“Grab it,” he said. The man reached out and took it.

One time when the king of Aram was at war with Israel, after consulting with his officers, he said, “At such and such a place I want an ambush set.”

The Holy Man sent a message to the king of Israel: “Watch out when you’re passing this place, because Aram has set an ambush there.”

10 So the king of Israel sent word concerning the place of which the Holy Man had warned him.

This kind of thing happened all the time.

11 The king of Aram was furious over all this. He called his officers together and said, “Tell me, who is leaking information to the king of Israel? Who is the spy in our ranks?”

12 But one of his men said, “No, my master, dear king. It’s not any of us. It’s Elisha the prophet in Israel. He tells the king of Israel everything you say, even what you whisper in your bedroom.”

13 The king said, “Go and find out where he is. I’ll send someone and capture him.”

The report came back, “He’s in Dothan.”

14 Then he dispatched horses and chariots, an impressive fighting force. They came by night and surrounded the city.

15 Early in the morning a servant of the Holy Man got up and went out. Surprise! Horses and chariots surrounding the city! The young man exclaimed, “Oh, master! What shall we do?”

16 He said, “Don’t worry about it—there are more on our side than on their side.”

17 Then Elisha prayed, “O God, open his eyes and let him see.”

The eyes of the young man were opened and he saw. A wonder! The whole mountainside full of horses and chariots of fire surrounding Elisha!

18 When the Arameans attacked, Elisha prayed to God, “Strike these people blind!” And God struck them blind, just as Elisha said.

19 Then Elisha called out to them, “Not that way! Not this city! Follow me and I’ll lead you to the man you’re looking for.” And he led them into Samaria.

20 As they entered the city, Elisha prayed, “O God, open their eyes so they can see where they are.” God opened their eyes. They looked around—they were trapped in Samaria!

21 When the king of Israel saw them, he said to Elisha, “Father, shall I massacre the lot?”

22 “Not on your life!” said Elisha. “You didn’t lift a hand to capture them, and now you’re going to kill them? No sir, make a feast for them and send them back to their master.”

23 So he prepared a huge feast for them. After they ate and drank their fill he dismissed them. Then they returned home to their master. The raiding bands of Aram didn’t bother Israel anymore.

24-25 At a later time, this: Ben-Hadad king of Aram pulled together his troops and launched a siege on Samaria. This brought on a terrible famine, so bad that food prices soared astronomically. Eighty shekels for a donkey’s head! Five shekels for a bowl of field greens!

26 One day the king of Israel was walking along the city wall. A woman cried out, “Help! Your majesty!”

27 He answered, “If God won’t help you, where on earth can I go for help? To the granary? To the dairy?”

28-29 The king continued, “Tell me your story.”

She said, “This woman came to me and said, ‘Give up your son and we’ll have him for today’s supper; tomorrow we’ll eat my son.’ So we cooked my son and ate him. The next day I told her, ‘Your turn—bring your son so we can have him for supper.’ But she had hidden her son away.”

30-31 When the king heard the woman’s story he ripped apart his robe. Since he was walking on the city wall, everyone saw that next to his skin he was wearing coarse burlap. And he called out, “God do his worst to me—and more—if Elisha son of Shaphat still has a head on his shoulders at this day’s end.”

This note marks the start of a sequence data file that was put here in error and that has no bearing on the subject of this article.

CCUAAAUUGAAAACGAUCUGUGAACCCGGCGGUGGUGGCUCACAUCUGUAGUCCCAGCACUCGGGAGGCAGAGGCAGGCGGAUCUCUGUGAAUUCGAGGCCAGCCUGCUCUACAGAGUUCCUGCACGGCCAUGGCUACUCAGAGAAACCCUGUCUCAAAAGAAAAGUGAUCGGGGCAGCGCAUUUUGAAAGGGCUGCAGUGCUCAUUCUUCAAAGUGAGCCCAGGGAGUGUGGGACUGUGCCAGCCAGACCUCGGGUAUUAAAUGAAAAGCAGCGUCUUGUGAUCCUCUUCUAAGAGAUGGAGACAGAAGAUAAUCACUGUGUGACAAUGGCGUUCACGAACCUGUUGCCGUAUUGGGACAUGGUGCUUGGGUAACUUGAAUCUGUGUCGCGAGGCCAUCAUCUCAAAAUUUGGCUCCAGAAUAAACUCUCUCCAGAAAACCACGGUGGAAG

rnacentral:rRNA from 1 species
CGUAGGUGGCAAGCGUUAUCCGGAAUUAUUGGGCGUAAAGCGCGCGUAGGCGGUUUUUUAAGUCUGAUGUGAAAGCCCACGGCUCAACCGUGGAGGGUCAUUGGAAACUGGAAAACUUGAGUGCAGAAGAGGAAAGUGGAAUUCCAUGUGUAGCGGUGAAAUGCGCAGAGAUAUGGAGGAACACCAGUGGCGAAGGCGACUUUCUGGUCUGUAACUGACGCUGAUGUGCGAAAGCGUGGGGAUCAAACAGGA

32 Elisha was sitting at home, the elders sitting with him. The king had already dispatched an executioner, but before the man arrived Elisha spoke to the elders: “Do you know that this murderer has just now sent a man to take off my head? Look, when the executioner arrives, shut the door and lock it. Don’t I even now hear the footsteps of his master behind him?”

33 While he was giving his instructions, the king showed up, accusing, “This trouble is directly from God! And what’s next? I’m fed up with God!”

The Message (MSG)

Copyright © 1993, 1994, 1995, 1996, 2000, 2001, 2002 by Eugene H. Peterson

Luke 24:36-53The Message (MSG)

36-41 While they were saying all this, Jesus appeared to them and said, “Peace be with you.” They thought they were seeing a ghost and were scared half to death. He continued with them, “Don’t be upset, and don’t let all these doubting questions take over. Look at my hands; look at my feet—it’s really me. Touch me. Look me over from head to toe. A ghost doesn’t have muscle and bone like this.” As he said this, he showed them his hands and feet. They still couldn’t believe what they were seeing. It was too much; it seemed too good to be true.

41-43 He asked, “Do you have any food here?” They gave him a piece of leftover fish they had cooked. He took it and ate it right before their eyes.

You’re the Witnesses

44 Then he said, “Everything I told you while I was with you comes to this: All the things written about me in the Law of Moses, in the Prophets, and in the Psalms have to be fulfilled.”

45-49 He went on to open their understanding of the Word of God, showing them how to read their Bibles this way. He said, “You can see now how it is written that the Messiah suffers, rises from the dead on the third day, and then a total life-change through the forgiveness of sins is proclaimed in his name to all nations—starting from here, from Jerusalem! You’re the first to hear and see it. You’re the witnesses. What comes next is very important: I am sending what my Father promised to you, so stay here in the city until he arrives, until you’re equipped with power from on high.”

50-51 He then led them out of the city over to Bethany. Raising his hands he blessed them, and while blessing them, took his leave, being carried up to heaven.

52-53 And they were on their knees, worshiping him. They returned to Jerusalem bursting with joy. They spent all their time in the Temple praising God. Yes.

The Message (MSG)

Copyright © 1993, 1994, 1995, 1996, 2000, 2001, 2002 by Eugene H. Peterson